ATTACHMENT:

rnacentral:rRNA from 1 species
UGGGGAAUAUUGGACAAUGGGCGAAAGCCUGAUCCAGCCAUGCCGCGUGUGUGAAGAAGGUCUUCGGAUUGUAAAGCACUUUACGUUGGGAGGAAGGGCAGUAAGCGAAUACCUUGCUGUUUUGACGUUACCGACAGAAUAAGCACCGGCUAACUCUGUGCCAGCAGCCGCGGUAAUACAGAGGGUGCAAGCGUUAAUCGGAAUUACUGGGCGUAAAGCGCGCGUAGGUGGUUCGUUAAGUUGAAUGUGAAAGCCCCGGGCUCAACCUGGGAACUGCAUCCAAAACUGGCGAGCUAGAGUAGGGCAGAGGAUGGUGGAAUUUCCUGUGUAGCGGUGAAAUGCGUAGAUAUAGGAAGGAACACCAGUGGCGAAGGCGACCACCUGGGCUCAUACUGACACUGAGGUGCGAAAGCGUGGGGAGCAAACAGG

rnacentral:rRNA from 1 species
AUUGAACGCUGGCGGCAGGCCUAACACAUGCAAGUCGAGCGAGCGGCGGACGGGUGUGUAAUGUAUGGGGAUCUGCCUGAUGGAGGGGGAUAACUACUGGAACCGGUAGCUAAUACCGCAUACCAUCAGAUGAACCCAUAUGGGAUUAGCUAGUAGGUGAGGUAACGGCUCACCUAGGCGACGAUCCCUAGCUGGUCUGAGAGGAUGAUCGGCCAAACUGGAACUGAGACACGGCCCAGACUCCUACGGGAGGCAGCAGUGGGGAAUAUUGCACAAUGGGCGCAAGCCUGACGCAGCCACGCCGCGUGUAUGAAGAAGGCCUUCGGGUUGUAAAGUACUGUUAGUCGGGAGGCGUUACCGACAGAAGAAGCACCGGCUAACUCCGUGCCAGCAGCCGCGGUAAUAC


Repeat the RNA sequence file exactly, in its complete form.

rnacentral:rRNA from 1 species
UGGGGAAUAUUGGACAAUGGGCGAAAGCCUGAUCCAGCCAUGCCGCGUGUGUGAAGAAGGUCUUCGGAUUGUAAAGCACUUUACGUUGGGAGGAAGGGCAGUAAGCGAAUACCUUGCUGUUUUGACGUUACCGACAGAAUAAGCACCGGCUAACUCUGUGCCAGCAGCCGCGGUAAUACAGAGGGUGCAAGCGUUAAUCGGAAUUACUGGGCGUAAAGCGCGCGUAGGUGGUUCGUUAAGUUGAAUGUGAAAGCCCCGGGCUCAACCUGGGAACUGCAUCCAAAACUGGCGAGCUAGAGUAGGGCAGAGGAUGGUGGAAUUUCCUGUGUAGCGGUGAAAUGCGUAGAUAUAGGAAGGAACACCAGUGGCGAAGGCGACCACCUGGGCUCAUACUGACACUGAGGUGCGAAAGCGUGGGGAGCAAACAGG

rnacentral:rRNA from 1 species
AUUGAACGCUGGCGGCAGGCCUAACACAUGCAAGUCGAGCGAGCGGCGGACGGGUGUGUAAUGUAUGGGGAUCUGCCUGAUGGAGGGGGAUAACUACUGGAACCGGUAGCUAAUACCGCAUACCAUCAGAUGAACCCAUAUGGGAUUAGCUAGUAGGUGAGGUAACGGCUCACCUAGGCGACGAUCCCUAGCUGGUCUGAGAGGAUGAUCGGCCAAACUGGAACUGAGACACGGCCCAGACUCCUACGGGAGGCAGCAGUGGGGAAUAUUGCACAAUGGGCGCAAGCCUGACGCAGCCACGCCGCGUGUAUGAAGAAGGCCUUCGGGUUGUAAAGUACUGUUAGUCGGGAGGCGUUACCGACAGAAGAAGCACCGGCUAACUCCGUGCCAGCAGCCGCGGUAAUAC